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GARAGE APARTMENTS OFTEN UNNOTICED : DEATHS PROMPT CITY TO STUDY CONVERSIONS.

Byline: David Bloom and Sherry Joe Crosby Daily News Staff Writers

When her cousin and family showed up on her doorstep two months ago looking for a place to live, the Sun Valley woman showed them to her guest house: a converted garage out back.

``It's temporary until she gets back on her feet,'' Ofelia Garcia said of the 400-square-foot room, now living quarters for three, a few blocks from the converted garage where two children and their grandmother were burned to death in an electrical fire early Wednesday.

City Building and Safety Department inspectors say they probably have no record of the woman's converted garage, and chances are that no permits were obtained for the work.

And unless there's a complaint, none of the city's 400 inspectors is likely ever to inspect the illegal conversion, among thousands of former garages believed to be home to an estimated 40,000 to 100,000 people in the city of Los Angeles.

But with the three deaths Wednesday coming less than four months after five children died in a similar fire in Watts, a task force of building officials and the Fire Department has been formed to look into the illegal garage-conversion issue.

``It's now a priority because we have lives lost because of substandard housing,'' said David Keim, a spokesman for the Building and Safety Department. ``It wasn't before. We want to really explore whether this problem is growing disproportionately.''

Some officials say that the activity comes too late and that longstanding policies have stunted the growth of affordable housing in the city, leaving no answer to the critical question of where to put the poor flushed out by any enforcement efforts.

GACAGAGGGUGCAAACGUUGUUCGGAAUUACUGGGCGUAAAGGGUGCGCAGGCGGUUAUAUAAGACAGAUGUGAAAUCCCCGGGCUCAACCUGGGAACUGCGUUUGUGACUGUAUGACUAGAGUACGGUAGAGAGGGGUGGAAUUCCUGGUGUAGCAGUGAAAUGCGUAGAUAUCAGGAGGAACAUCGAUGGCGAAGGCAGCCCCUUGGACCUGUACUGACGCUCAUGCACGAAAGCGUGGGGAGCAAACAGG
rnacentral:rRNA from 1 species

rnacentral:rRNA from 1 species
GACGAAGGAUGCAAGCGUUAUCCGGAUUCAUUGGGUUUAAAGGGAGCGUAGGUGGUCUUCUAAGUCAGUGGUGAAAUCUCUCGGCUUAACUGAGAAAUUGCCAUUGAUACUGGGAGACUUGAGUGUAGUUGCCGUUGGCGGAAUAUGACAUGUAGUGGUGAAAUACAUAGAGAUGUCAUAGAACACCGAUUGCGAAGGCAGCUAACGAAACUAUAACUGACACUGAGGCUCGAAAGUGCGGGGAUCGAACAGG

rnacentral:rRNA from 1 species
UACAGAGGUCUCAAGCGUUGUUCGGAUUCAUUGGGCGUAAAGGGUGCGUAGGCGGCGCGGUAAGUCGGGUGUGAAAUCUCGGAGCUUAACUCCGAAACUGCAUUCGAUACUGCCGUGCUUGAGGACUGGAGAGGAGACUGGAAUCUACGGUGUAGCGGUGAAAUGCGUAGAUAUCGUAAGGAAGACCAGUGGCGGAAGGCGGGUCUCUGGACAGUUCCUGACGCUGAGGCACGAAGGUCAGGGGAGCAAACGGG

``Years ago, the numbers (of illegal conversions) were, I'm sure much, much less,'' said Art Johnson, who retired last month as general manager of the city Building and Safety Department. ``But with the economy in the tank and a lot of people coming to the area, many have had to live in places like these.

``They are so easy to convert,'' said Johnson about the garages. ``It's almost invisible and nobody complains about it usually.''

In the main house, ``I have only two rooms and four kids,'' said the Sun Valley woman whose converted garage doubles as a guest house. She said the garage was intended as a recreation room.

Monthly rent for a studio apartment ranges from $400 to $500, Garcia said. A garage dwelling: $200 a month.

``One apartment costs a lot of money,'' she said. ``A garage is little money.''

The building department gets several hundred complaints a year about illegal garage conversions, but Johnson said that enforcing codes on illegal conversions is not a simple question of writing a violation notice.

``The cheapest part is hiring inspectors to go out and write orders,'' Johnson said. ``But that doesn't solve your problem. The city has to face facts that there's this large number of families that are going to hit the streets, and how are you going to handle that?

``They're going to have to make some hard decisions, and it's going to be really tough,'' he said.

About half the city's 400 inspectors check permits and code violations in one- and two-family properties among the 1.1 million buildings in Los Angeles.

The department has shrunk by a third since its peak of 1,210 employees in 1990, primarily because of the recession, which walloped its main source of money: permit fees.

Add in the 1994 Northridge Earthquake, which forced the department to perform thousands of building inspections and follow-up visits, and illegal conversions have been a low priority, Johnson said.

The city just approved a program that trains neighborhood volunteers in code enforcement. The program should be in place by late summer, said Deputy Mayor Sharon Morris.

``An inspector may be able to spot an illegal conversion, but he doesn't know the neighborhood,'' Morris said. ``Your neighbor knows. That will give us so many more people who are trained.''
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Publication:Daily News (Los Angeles, CA)
Article Type:Statistical Data Included
Date:Mar 21, 1997
Words:665
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